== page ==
A few wading bird pairs are just now hatching young even as some of the older chicks have fledged. I saw just one tiny chick underneath this female nesting Anhinga–you can just see the head at the lower left of the adult. Some of the other broods this year have had four chicks.
There may be more to come in this nest as the eggs may hatch over several days.
Anhingas feed their young by regurgitating food which the chicks actively retrieve by sticking their heads up the parent’s esophagus. Painful looking, especially when the chicks get bigger.
The male Anhingas have been showing off as they get ready for breeding season. The blue-green coloration around their eyes is very pronounced and I’ve seen them displaying their wings in dramatic poses.
This male was in a tree above the pond-side trail flashing his wings. I didn’t see any females nearby and he soon took off with a flourish.
He didn’t go far, landing in a nearby tree that already has a Great Blue Heron nest and several Great Egret nests.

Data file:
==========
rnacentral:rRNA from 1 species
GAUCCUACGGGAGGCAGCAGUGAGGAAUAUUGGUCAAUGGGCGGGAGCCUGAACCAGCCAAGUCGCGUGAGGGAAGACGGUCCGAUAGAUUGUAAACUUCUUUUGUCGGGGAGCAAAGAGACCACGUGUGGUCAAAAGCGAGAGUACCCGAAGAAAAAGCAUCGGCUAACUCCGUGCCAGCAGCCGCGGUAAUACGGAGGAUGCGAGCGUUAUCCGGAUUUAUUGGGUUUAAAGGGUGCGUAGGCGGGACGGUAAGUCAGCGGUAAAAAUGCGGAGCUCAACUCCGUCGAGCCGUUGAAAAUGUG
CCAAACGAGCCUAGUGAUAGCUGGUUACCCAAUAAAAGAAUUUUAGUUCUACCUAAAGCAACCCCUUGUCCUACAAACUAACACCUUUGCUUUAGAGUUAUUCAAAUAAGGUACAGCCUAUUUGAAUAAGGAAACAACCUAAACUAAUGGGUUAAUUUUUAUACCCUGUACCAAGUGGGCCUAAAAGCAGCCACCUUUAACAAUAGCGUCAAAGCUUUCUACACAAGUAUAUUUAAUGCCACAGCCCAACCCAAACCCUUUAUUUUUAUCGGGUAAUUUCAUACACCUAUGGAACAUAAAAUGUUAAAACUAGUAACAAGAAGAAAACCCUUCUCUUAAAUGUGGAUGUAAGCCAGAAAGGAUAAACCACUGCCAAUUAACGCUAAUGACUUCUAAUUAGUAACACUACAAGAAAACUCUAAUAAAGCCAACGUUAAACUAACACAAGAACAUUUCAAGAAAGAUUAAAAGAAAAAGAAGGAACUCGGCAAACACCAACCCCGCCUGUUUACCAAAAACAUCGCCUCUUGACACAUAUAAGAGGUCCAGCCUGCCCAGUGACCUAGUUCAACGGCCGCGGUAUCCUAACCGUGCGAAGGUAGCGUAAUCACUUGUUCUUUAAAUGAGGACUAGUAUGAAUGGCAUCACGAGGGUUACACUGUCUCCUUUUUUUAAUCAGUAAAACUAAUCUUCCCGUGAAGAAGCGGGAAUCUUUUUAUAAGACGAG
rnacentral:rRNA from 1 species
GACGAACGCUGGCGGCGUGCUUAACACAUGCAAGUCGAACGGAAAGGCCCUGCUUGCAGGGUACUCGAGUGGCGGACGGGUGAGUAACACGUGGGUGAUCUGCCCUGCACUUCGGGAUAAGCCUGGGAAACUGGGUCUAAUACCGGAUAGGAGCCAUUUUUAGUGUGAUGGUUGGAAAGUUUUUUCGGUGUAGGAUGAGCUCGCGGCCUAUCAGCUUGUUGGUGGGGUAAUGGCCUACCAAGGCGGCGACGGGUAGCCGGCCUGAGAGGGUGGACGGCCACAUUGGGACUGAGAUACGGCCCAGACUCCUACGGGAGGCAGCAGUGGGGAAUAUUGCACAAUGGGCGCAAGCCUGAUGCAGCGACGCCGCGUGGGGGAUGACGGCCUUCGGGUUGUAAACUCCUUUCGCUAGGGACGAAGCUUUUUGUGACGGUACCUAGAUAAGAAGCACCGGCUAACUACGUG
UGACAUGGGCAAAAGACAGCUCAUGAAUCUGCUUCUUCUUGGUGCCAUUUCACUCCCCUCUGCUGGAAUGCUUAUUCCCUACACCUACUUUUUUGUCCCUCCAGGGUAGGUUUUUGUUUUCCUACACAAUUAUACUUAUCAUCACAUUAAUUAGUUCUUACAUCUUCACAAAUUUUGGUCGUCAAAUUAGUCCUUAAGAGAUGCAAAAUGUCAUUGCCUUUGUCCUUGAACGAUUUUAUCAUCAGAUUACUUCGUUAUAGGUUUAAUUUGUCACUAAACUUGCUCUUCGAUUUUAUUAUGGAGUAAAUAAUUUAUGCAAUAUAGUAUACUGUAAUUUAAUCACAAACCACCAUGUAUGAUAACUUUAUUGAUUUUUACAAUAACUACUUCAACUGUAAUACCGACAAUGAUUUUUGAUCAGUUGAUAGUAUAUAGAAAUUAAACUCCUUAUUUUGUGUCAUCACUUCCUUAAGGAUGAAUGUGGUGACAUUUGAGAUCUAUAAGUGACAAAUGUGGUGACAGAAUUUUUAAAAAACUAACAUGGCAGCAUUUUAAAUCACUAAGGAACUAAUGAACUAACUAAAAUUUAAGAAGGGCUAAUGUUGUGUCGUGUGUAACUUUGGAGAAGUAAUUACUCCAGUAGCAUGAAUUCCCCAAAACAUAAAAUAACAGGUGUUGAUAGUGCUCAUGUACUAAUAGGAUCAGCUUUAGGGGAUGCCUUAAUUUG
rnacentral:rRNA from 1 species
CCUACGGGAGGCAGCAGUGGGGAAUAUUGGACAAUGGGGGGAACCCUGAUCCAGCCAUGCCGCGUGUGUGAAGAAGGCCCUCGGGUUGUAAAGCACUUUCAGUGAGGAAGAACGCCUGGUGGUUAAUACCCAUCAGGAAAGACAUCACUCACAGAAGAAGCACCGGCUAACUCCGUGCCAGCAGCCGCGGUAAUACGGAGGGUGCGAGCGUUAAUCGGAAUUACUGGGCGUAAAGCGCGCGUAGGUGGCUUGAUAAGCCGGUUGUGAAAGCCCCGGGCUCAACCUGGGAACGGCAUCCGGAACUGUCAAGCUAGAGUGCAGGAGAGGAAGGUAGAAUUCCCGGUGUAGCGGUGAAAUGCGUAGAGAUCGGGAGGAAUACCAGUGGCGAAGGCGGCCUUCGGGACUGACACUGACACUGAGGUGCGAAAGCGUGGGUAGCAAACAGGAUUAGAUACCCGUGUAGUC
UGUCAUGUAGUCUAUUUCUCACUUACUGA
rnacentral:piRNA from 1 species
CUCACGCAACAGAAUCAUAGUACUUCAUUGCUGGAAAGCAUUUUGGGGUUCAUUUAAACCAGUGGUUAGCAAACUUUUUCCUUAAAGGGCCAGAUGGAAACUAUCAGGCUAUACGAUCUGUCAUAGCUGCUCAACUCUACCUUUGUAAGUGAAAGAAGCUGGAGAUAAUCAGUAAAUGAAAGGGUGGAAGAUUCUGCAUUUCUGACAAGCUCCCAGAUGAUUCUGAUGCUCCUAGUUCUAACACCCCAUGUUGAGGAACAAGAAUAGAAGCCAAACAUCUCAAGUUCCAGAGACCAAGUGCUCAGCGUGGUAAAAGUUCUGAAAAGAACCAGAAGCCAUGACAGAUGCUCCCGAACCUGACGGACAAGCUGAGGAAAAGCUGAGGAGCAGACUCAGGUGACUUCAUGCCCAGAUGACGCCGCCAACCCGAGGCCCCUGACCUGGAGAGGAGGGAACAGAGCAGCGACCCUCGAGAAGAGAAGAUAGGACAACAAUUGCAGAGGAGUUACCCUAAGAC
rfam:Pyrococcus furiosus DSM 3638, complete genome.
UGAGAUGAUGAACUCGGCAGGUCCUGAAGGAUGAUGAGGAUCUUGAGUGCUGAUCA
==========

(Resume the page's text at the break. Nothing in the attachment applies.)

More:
The Tundra Swans are still hanging out at Bear Island Wildlife Management Area although local lore says they will be heading north any day now. A flock averaging 300 of these Swans has been coming to this area every winter since the mid 1970s.
On this morning the fog was dense and the air perfectly still. The gnats almost carried us off. The water level in this pond is low and these Swans were wading or sitting in mud rather than swimming.
A few took off and disappeared into the fog before I could even focus on them.
This was a tiny meal for an Anhinga and I have no idea how they locate such a fish while swimming under water. See my post Anhinga Feeding from two years ago to see how big a fish they are capable of swallowing.